A Winged Victory for the Sullen - "Requiem for the Static King Part 1" (A Winged Victory for the Sullen)
Looking over The Stars of the Lid discography, one finds an abundance of subtle contradictions: languorous music that delves into the ambient world while retaining substance. Similar qualities inhabit the music made by Stars of the Lid members Adam Wiltzie and Brian McBride; the latter’s The Effective Disconnect, released last year, grafted a sentimental mood to quietly textured and drone-infused compositions. Adam Wiltzie’s work outside of Stars of the Lid generally takes the shape of collaborations: as Aix En Klemm, with Bobby Donne; and as The Dead Texan, with Christina Vantzou. A Winged Victory for the Sullen is his latest project; his collaborator here is Dustin O’Halloran, whose album Vorleben entered the world a few months ago. Their debut is a strikingly cohesive work, lacking the moments heard on many first records in which a band still seems to be figuring out the nature of its sound.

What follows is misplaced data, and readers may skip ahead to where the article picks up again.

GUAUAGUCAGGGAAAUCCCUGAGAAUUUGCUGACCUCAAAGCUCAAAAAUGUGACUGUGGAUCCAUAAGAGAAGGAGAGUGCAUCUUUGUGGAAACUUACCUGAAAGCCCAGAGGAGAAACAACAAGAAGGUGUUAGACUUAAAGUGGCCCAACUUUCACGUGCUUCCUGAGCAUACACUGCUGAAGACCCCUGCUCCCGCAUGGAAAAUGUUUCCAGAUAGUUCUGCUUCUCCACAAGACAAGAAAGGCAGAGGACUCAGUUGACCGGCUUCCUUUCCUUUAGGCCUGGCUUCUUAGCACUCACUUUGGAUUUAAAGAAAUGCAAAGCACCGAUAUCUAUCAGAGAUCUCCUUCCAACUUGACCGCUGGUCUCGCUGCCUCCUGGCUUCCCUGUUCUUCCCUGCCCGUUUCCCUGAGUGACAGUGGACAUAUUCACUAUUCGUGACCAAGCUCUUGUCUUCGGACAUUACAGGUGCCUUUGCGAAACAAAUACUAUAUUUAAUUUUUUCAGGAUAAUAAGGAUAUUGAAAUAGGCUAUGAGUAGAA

It might also be that Wiltzie’s work does have a shared aesthetic that’s deeply perceptible. Unlike The Dead Texan, which flirted very loosely (and effectively) with pop structures, the seven pieces here are more impressionistic; while there are structures in place, the overall effect is one of contrasts, of quieter sections giving way to the presence of a host of instruments. “We Played Some Open Chords” opens up gradually, its strings softly increasing in volume as a piano melody evolves, cycling back around to a short and memorable motif.
Throughout this album, there’s a repeated evocation of flight. “A Symphony Pathetique,” in particular, evokes wind rushing past a vessel at high speeds. This isn’t shocking, given the group’s name, but it should be noted that this is less a summoning of the “winged victory” archetype and more a drift through cloudscapes. At the same time, there’s also a sense of fragility just below the surface: Early on during A Winged Victory for the Sullen, "A Requiem for the Static King Part One” — written in memory of Sparklehorse’s Mark Linkous — introduces mortality to the proceedings. This plaintive quality never abates, and resonates more strongly after repeated listens.
Ultimately, this is work that both envelops and endures, summoning a sense of majestic space even as it slips in references to unanswerable questions. In the end, Wiltzie and O’Halloran’s collaboration stands as an impressive album on its own merits and one of the strongest efforts in the world of Stars of the Lid offshoots. No small achievement.